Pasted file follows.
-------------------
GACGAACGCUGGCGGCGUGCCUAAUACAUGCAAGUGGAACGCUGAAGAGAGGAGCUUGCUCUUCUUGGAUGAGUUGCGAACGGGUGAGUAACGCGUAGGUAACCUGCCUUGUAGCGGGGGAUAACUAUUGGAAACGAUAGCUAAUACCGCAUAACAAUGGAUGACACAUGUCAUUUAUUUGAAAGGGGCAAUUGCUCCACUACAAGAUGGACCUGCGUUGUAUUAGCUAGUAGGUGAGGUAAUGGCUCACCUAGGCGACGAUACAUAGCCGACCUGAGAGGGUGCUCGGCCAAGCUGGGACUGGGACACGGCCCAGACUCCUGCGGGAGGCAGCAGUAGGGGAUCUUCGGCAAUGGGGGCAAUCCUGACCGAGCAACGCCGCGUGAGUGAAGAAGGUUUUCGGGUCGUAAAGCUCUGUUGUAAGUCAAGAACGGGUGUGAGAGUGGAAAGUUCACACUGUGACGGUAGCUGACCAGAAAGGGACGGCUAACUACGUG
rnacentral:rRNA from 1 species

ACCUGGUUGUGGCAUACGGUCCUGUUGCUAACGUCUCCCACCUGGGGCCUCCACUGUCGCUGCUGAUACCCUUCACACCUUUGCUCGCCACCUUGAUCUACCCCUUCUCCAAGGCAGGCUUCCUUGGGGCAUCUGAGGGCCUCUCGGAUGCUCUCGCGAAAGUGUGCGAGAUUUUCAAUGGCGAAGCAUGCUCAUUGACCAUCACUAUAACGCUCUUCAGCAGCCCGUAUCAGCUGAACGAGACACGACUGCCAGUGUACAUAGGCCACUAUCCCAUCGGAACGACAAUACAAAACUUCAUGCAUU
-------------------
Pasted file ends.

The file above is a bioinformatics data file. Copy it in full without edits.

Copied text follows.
GACGAACGCUGGCGGCGUGCCUAAUACAUGCAAGUGGAACGCUGAAGAGAGGAGCUUGCUCUUCUUGGAUGAGUUGCGAACGGGUGAGUAACGCGUAGGUAACCUGCCUUGUAGCGGGGGAUAACUAUUGGAAACGAUAGCUAAUACCGCAUAACAAUGGAUGACACAUGUCAUUUAUUUGAAAGGGGCAAUUGCUCCACUACAAGAUGGACCUGCGUUGUAUUAGCUAGUAGGUGAGGUAAUGGCUCACCUAGGCGACGAUACAUAGCCGACCUGAGAGGGUGCUCGGCCAAGCUGGGACUGGGACACGGCCCAGACUCCUGCGGGAGGCAGCAGUAGGGGAUCUUCGGCAAUGGGGGCAAUCCUGACCGAGCAACGCCGCGUGAGUGAAGAAGGUUUUCGGGUCGUAAAGCUCUGUUGUAAGUCAAGAACGGGUGUGAGAGUGGAAAGUUCACACUGUGACGGUAGCUGACCAGAAAGGGACGGCUAACUACGUG
rnacentral:rRNA from 1 species

ACCUGGUUGUGGCAUACGGUCCUGUUGCUAACGUCUCCCACCUGGGGCCUCCACUGUCGCUGCUGAUACCCUUCACACCUUUGCUCGCCACCUUGAUCUACCCCUUCUCCAAGGCAGGCUUCCUUGGGGCAUCUGAGGGCCUCUCGGAUGCUCUCGCGAAAGUGUGCGAGAUUUUCAAUGGCGAAGCAUGCUCAUUGACCAUCACUAUAACGCUCUUCAGCAGCCCGUAUCAGCUGAACGAGACACGACUGCCAGUGUACAUAGGCCACUAUCCCAUCGGAACGACAAUACAAAACUUCAUGCAUU